Apple infuriate me sometimes. It would appear that the 'new' time capsule still can't join a wireless network without it's Ethernet ports becoming being disabled if nothing has changed apart from the wifi card :-(

    My iPhone is my only source of net connection which is 80Gb (yes thats eight-zero gigabytes) of 'fair usage' per month which is oodles for a 3G connection so here's what I want to do:-

    'iPhone Personal Hotspot' > Time Capsule > Airport Express (wifi-to-eth) > xbox

    The trouble is that when a time capsule joins a network it's ethernet ports fall asleep. So instead I have to do the following:-

    'iPhone Personal Hotspot' > Airport Express (wfi-to-eth) > Time Capsule > 2nd Airport Express (wfi-to-eth) > xbox.

    The really stupid thing is that a Time Capsule is more powerful piece of network equipment than an airport express, there is no reason why the ethernet ports should fall asleep just because Apple have deemed that users must connect a Time Capsule directly with an iPhone personal hotspot without crippling it.

    The other slightly annoying thing about this setup is that Apple in their infinite wisdom have deemed to force iPhone personal hotspots to set up a 'g' connection instead of an 'n' one (ok it would still be an 2.4Ghz due to the iPhone radio but that would be better than being stuck at 'g' for no good reason in a totally 'g' saturated neighbourhood!

  • repoman27 - Monday, August 8, 2011 - link

    When you tell an AirPort Express / Extreme or Time Capsule to "Join a wireless network" it becomes a client on that network and ceases to perform as a router. This is really only useful to share attached USB or audio devices wirelessly.

    When you enable Personal Hotspot on an iPhone 4, it creates a wireless network (802.11n (b/g compatible), 2.4 GHz band, single spatial stream, WPA encryption) and provides DHCP and NAT to share your cellular internet connection. 802.11n connections are actually possible according to this article: but if you're in a neighborhood where 2.4 GHz is saturated, as many are, there's not much you can do about it. Not many phones have 5 GHz WiFi radios these days.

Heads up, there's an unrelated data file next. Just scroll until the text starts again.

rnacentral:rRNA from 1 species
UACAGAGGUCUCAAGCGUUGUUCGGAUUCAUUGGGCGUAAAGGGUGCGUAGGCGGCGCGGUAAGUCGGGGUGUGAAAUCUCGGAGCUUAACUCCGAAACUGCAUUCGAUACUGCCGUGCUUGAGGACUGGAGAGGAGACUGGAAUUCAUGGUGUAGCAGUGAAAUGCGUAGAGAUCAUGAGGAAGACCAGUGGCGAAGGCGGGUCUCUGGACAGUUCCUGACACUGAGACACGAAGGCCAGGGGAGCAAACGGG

If you just want to provide an internet connection for your Xbox, the simplest solution is to buy a WiFi adapter for it and configure that to connect to your iPhone's Personal Hotspot. In order to bridge your Personal Hotspot to your wired network, you would have to set your Time Capsule's Internet Connection: Connection Sharing setting to "Off (Bridge Mode)", set the Wireless: Wireless Mode setting to "Extend a wireless network", and then choose your Personal Hotspot as the network to extend. For various reasons, I'm going to guess that this will never work though. Besides, the iPhone Personal Hotspot only supports a maximum of 3 (GSM models) or 5 (CDMA models) clients via WiFi, so you can't really have much else on your LAN unless you put it behind yet another router.

    It might be easier to tether your iPhone via USB to a Mac or PC, turn on internet connection sharing over the ethernet adapter, and then connect that to a Time Capsule set to bridge mode.
  • ginghus_khan2000 - Sunday, August 7, 2011 - link

    I was a little surprised you didn't test the wifi and hard drives as a system. I'm sure the wifi is the limiting protocol here but there were a few spots where wifi would be faster than the hard drives.
  • stephenbrooks - Sunday, August 7, 2011 - link

    Can you stack the two Airport Extremes on their side and put the Time Capsule across the top?
  • Brian Klug - Sunday, August 7, 2011 - link

    Wow, that's an awesome idea. I'm going to see if I can set it up ;)

  • deadshort - Sunday, August 7, 2011 - link

    Fantastic: thanks for doing that! Spread the word!

    If the main motherboard and chipset are the same, I guess it stands to reason that a more powerful radio would take a bit more power. ~250 Wh/day, or about 5% of my fairly careless daily consumption, is worth knowing but not worrying about.